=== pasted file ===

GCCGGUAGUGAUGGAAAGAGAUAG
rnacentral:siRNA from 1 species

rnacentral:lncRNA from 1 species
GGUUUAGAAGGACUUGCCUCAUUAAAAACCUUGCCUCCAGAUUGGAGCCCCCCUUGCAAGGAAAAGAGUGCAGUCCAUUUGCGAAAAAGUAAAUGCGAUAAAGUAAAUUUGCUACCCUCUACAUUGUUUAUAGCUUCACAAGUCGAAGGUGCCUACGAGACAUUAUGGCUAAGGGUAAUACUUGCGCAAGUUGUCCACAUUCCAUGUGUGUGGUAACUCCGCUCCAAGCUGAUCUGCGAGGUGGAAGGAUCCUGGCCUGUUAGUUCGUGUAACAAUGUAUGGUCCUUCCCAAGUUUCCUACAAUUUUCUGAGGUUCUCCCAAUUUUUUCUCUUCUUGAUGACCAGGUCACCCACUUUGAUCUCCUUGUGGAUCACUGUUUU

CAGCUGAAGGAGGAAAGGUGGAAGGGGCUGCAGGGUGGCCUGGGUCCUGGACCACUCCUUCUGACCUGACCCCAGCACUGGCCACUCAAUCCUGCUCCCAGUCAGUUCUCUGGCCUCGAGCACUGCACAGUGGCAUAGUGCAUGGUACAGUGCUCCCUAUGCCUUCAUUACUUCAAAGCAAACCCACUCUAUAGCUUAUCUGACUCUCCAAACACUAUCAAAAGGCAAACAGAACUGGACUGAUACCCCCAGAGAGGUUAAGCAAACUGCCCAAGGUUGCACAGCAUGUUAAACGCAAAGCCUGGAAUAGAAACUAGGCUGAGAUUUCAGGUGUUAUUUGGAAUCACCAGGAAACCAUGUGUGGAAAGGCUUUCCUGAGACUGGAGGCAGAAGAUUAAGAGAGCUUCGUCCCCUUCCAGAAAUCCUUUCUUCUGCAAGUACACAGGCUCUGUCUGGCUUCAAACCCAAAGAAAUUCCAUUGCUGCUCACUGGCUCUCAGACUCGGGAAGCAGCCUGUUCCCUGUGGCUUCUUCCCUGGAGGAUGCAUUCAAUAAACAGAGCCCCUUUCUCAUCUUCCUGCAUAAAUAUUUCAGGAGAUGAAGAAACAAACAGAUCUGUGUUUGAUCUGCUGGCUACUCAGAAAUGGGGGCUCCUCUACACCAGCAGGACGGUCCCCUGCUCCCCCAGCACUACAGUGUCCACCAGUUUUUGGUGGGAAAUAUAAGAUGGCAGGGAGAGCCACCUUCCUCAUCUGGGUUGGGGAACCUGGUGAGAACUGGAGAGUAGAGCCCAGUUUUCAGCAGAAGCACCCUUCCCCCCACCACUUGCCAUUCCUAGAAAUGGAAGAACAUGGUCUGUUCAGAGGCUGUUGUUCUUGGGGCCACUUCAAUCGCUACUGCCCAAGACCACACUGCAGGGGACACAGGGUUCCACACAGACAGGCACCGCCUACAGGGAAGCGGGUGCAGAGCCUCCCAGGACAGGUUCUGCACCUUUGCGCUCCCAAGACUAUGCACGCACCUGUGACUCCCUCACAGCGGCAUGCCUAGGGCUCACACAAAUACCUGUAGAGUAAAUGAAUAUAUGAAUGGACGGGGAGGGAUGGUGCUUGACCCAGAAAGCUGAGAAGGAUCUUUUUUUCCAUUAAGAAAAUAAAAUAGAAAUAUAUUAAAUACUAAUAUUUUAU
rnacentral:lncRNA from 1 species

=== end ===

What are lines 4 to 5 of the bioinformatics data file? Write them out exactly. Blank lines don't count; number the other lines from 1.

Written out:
GGUUUAGAAGGACUUGCCUCAUUAAAAACCUUGCCUCCAGAUUGGAGCCCCCCUUGCAAGGAAAAGAGUGCAGUCCAUUUGCGAAAAAGUAAAUGCGAUAAAGUAAAUUUGCUACCCUCUACAUUGUUUAUAGCUUCACAAGUCGAAGGUGCCUACGAGACAUUAUGGCUAAGGGUAAUACUUGCGCAAGUUGUCCACAUUCCAUGUGUGUGGUAACUCCGCUCCAAGCUGAUCUGCGAGGUGGAAGGAUCCUGGCCUGUUAGUUCGUGUAACAAUGUAUGGUCCUUCCCAAGUUUCCUACAAUUUUCUGAGGUUCUCCCAAUUUUUUCUCUUCUUGAUGACCAGGUCACCCACUUUGAUCUCCUUGUGGAUCACUGUUUU

CAGCUGAAGGAGGAAAGGUGGAAGGGGCUGCAGGGUGGCCUGGGUCCUGGACCACUCCUUCUGACCUGACCCCAGCACUGGCCACUCAAUCCUGCUCCCAGUCAGUUCUCUGGCCUCGAGCACUGCACAGUGGCAUAGUGCAUGGUACAGUGCUCCCUAUGCCUUCAUUACUUCAAAGCAAACCCACUCUAUAGCUUAUCUGACUCUCCAAACACUAUCAAAAGGCAAACAGAACUGGACUGAUACCCCCAGAGAGGUUAAGCAAACUGCCCAAGGUUGCACAGCAUGUUAAACGCAAAGCCUGGAAUAGAAACUAGGCUGAGAUUUCAGGUGUUAUUUGGAAUCACCAGGAAACCAUGUGUGGAAAGGCUUUCCUGAGACUGGAGGCAGAAGAUUAAGAGAGCUUCGUCCCCUUCCAGAAAUCCUUUCUUCUGCAAGUACACAGGCUCUGUCUGGCUUCAAACCCAAAGAAAUUCCAUUGCUGCUCACUGGCUCUCAGACUCGGGAAGCAGCCUGUUCCCUGUGGCUUCUUCCCUGGAGGAUGCAUUCAAUAAACAGAGCCCCUUUCUCAUCUUCCUGCAUAAAUAUUUCAGGAGAUGAAGAAACAAACAGAUCUGUGUUUGAUCUGCUGGCUACUCAGAAAUGGGGGCUCCUCUACACCAGCAGGACGGUCCCCUGCUCCCCCAGCACUACAGUGUCCACCAGUUUUUGGUGGGAAAUAUAAGAUGGCAGGGAGAGCCACCUUCCUCAUCUGGGUUGGGGAACCUGGUGAGAACUGGAGAGUAGAGCCCAGUUUUCAGCAGAAGCACCCUUCCCCCCACCACUUGCCAUUCCUAGAAAUGGAAGAACAUGGUCUGUUCAGAGGCUGUUGUUCUUGGGGCCACUUCAAUCGCUACUGCCCAAGACCACACUGCAGGGGACACAGGGUUCCACACAGACAGGCACCGCCUACAGGGAAGCGGGUGCAGAGCCUCCCAGGACAGGUUCUGCACCUUUGCGCUCCCAAGACUAUGCACGCACCUGUGACUCCCUCACAGCGGCAUGCCUAGGGCUCACACAAAUACCUGUAGAGUAAAUGAAUAUAUGAAUGGACGGGGAGGGAUGGUGCUUGACCCAGAAAGCUGAGAAGGAUCUUUUUUUCCAUUAAGAAAAUAAAAUAGAAAUAUAUUAAAUACUAAUAUUUUAU